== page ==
The Last Act of Lilka Kadison at Lookingglass Theatre Company | Theater review
Lookingglass’s latest is a haunting, heartbreaking tale of memory and loss.
By Zac Thompson|
The mood was ebullient at the opening of Lookingglass’s latest, which premiered the night after the group collected the 2011 Regional Theatre Tony Award in New York. Though the elegiac content of the show quickly sobers high spirits, its technically deft, emotionally affecting execution makes a strong case justifying the American Theatre Wing’s accolade.
This time, Lookingglass applies its penchant for inventive stage spectacle to telling a heartbreaking tale of memory and loss. In the waning days of her life, Lilith, an 87-year-old Jewish immigrant (played by Frank, in spitfire mode), receives a visitation from the spirit of her first love, Ben (Bone), a showman who performs ribald folk tales and Bible stories with the help of a pasteboard toy theater (enchantingly designed by Tracy Otwell). In overlapping scenes, we see Lilith as an elderly woman arguing with her Pakistani home nurse (Ally) and as a headstrong young woman, Lilka (Fiffer), meeting Ben and reluctantly agreeing to help him write a play about King Solomon and the Queen of Sheba. As Ben and Lilka sweetly, gingerly start a romance, we forget for a while that this is Warsaw in 1939 and that Hitler’s tanks will soon crush their world underfoot.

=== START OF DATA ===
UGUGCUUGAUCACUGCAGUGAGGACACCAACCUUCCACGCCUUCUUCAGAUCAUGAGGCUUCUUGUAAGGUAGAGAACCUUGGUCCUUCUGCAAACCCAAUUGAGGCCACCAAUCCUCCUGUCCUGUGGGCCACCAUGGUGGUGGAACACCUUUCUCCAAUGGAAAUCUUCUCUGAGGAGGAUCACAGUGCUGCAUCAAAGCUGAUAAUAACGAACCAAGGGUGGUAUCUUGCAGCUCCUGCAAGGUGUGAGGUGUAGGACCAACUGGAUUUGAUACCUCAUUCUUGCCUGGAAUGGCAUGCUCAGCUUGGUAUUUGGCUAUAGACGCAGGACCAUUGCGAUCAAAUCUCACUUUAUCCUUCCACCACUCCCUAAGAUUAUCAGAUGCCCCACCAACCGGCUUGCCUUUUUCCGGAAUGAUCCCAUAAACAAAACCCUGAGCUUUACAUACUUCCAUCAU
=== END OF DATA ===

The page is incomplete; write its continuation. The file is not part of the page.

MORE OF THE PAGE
Kersnar’s staging beautifully underscores the story’s haunting themes with flashes of otherworldly effects and an ingenious dual-use set by Jacqueline and Richard Penrod. Past and present unfold at the same time, emphasizing the nearness of Lilith’s memories and her unbridgeable distance from the people in them.